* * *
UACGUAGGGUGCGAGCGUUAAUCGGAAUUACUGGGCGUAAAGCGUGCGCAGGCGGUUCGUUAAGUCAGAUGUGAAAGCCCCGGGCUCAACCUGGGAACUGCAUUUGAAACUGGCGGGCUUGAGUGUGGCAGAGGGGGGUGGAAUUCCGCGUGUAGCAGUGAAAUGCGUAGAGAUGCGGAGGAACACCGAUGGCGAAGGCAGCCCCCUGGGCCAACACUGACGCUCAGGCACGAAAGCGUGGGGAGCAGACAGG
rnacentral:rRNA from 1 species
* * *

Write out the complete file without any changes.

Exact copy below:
UACGUAGGGUGCGAGCGUUAAUCGGAAUUACUGGGCGUAAAGCGUGCGCAGGCGGUUCGUUAAGUCAGAUGUGAAAGCCCCGGGCUCAACCUGGGAACUGCAUUUGAAACUGGCGGGCUUGAGUGUGGCAGAGGGGGGUGGAAUUCCGCGUGUAGCAGUGAAAUGCGUAGAGAUGCGGAGGAACACCGAUGGCGAAGGCAGCCCCCUGGGCCAACACUGACGCUCAGGCACGAAAGCGUGGGGAGCAGACAGG
rnacentral:rRNA from 1 species